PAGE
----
It was, however, Chaworth’s association with Lord Cromwell which proved of particular consequence, since through it he became drawn into Cromwell’s longstanding and bitter feud with Sir Henry Pierrepont* (his colleague in the Parliament of 1423). Having wrested the Heriz family inheritance from Pierrepont by highly dubious means, Cromwell secured his title, in 1431, by conveying the property to a panel of influential feoffees, including Chaworth and his friend, Sir Richard Vernon*. Not surprisingly, then, when violence erupted between Pierrepont and his other enemies, the Foljambes, Chaworth threw his not inconsiderable weight behind the Foljambes, and as head of the second jury at the Derby sessions of oyer and terminer, in 1434, he did everything he could to support their allegations. He even offered bail for Richard Brown* of Repton, who stood accused of attempting to procure Thomas Foljambe’s acquittal; and in the following year he and Cromwell capitalized upon their position as royal commissioners of inquiry in Nottinghamshire to question Pierrepont’s title to the manor of Sneinton. Later, in 1440, Sir Henry tried to recover some of his losses by suing Chaworth and Lord Cromwell’s other trustees, but pressure was brought upon him to settle out of court. Chaworth remained close to Cromwell until the latter’s death, for the two men acted together, on New Year’s Day 1448, as witnesses to an oath made by Richard Willoughby, renouncing his inheritance. In later life he was recruited into the service of Henry, duke of Warwick, who made him and one of his sons joint stewards of his property in Leicestershire and Rutland.12

In view of his eminent position and important connexions with the nobility, it is hardly surprising to find Sir Thomas named first among the electors who attested the Nottinghamshire returns to the Parliaments of 1425, 1426, 1429, 1432 and 1433. He also headed the list of local gentry who were to take the general oath of May 1434 that they would not assist persons disturbing the peace. Frequently chosen as a royal commissioner for the raising of government loans, he himself contributed £40 to the cost of national defence in the following year. He was at this time preoccupied with arrangements for the release of Sir Thomas Rempston II* from captivity in France; and in 1447 he and William Babington (who often acted with him in such matters) assisted Rempston’s widowed mother to found a chantry dedicated to the memory of his late father. As a man of considerable wealth and widespread possessions, Chaworth inevitably became involved in numerous lawsuits, the majority of which were for the recovery of debts (such as £106 owed to him by two merchants from Banbury), although some concerned acts of trespass and disputes over property. At some unknown date, Chaworth lodged a petition in the court of Chancery against the feoffees of Sir Richard Goldesburgh, whose son was then his ward, claiming that by ‘covyn and confetrecy’ with Sir Richard’s widow they had withheld valuable documents concerning the boy’s estates. In May 1449 he and his sister-in-law (who had married Sir Humphrey Stafford† of Grafton) complained to the King about the damage done by deer from the forest of Rockingham to crops growing on their Northamptonshire estates, and were permitted to enclose the land in question. Sir Thomas was able to consolidate his holdings even further as a result of the death, in about 1457, of John Cressy, whose next heirs were his wife and her sister. In the event, however, he did not enjoy the profits of these new acquisitions for very long, since his own death occurred, shortly after that of his wife, on 10 Feb. 1459. The couple were buried together at the priory of Launde, where they had founded a chantry some seven years before.13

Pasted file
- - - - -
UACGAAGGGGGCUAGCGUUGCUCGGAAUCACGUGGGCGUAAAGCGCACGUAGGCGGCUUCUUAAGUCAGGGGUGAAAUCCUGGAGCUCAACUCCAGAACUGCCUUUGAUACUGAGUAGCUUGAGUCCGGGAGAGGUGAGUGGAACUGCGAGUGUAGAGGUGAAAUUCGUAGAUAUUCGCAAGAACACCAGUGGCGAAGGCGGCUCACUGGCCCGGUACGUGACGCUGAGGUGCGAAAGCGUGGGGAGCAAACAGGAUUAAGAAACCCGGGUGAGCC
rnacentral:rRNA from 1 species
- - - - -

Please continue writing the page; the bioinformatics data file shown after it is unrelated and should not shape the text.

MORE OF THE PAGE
Although he must have been well over 80 when he died, Chaworth remained active in local government until the very end. His will, which is a long and fascinating document, lists many handsome bequests to friends and relatives, among whom he disposed of an impressive library containing psalters, mass books, antiphoners and such works as The Polychronicon of Ralph Higden (in both English and Latin), an ‘English booke called Orilogium Sapienciae’, an ‘Englisse boke called Grace Dieu’, ‘another boke of Notes of Fynes’ and The Lives of the Saints. To Launde priory he left all the contents of his richly furnished chapel at Wiverton, as well as the altar hangings, devotional works and plate which he had acquired from his elder daughter when she took holy orders in 1455. The six executors and three supervisors of his will shared £92 in cash together with a sizeable quantity of plate; and over £266 was set aside for the marriage of his younger children. His eldest son, William, who was then about 28 years old, succeeded to the bulk of the family fortunes. He had already served as sheriff of Nottinghamshire and Derbyshire during his father’s lifetime, but did not achieve the same distinction as the late Sir Thomas.14

Ref Volumes: 1386-1421

Author: C.R.

Notes

  • 1. C138/33/35; C139/10/21, 173/25; Test Ebor. i. 247-8; ii. 220-9; iii. 212; Mon. Brasses ed. Mill Stephenson, 275; CFR , xv. 71; CIPM, x. no. 71; CP, v. 80; DL42/16, f. 34. According to Vis. Notts. 126-7, Sir Thomas’s first wife was the daughter of Sir Gerard Braybrooke II*, but no contemporary evidence of this relationship has come to light. Nor does the MP appear to have had as many children as those named in this source.
  • 2. E199/35/7.
  • 3. PPC , vi. 243.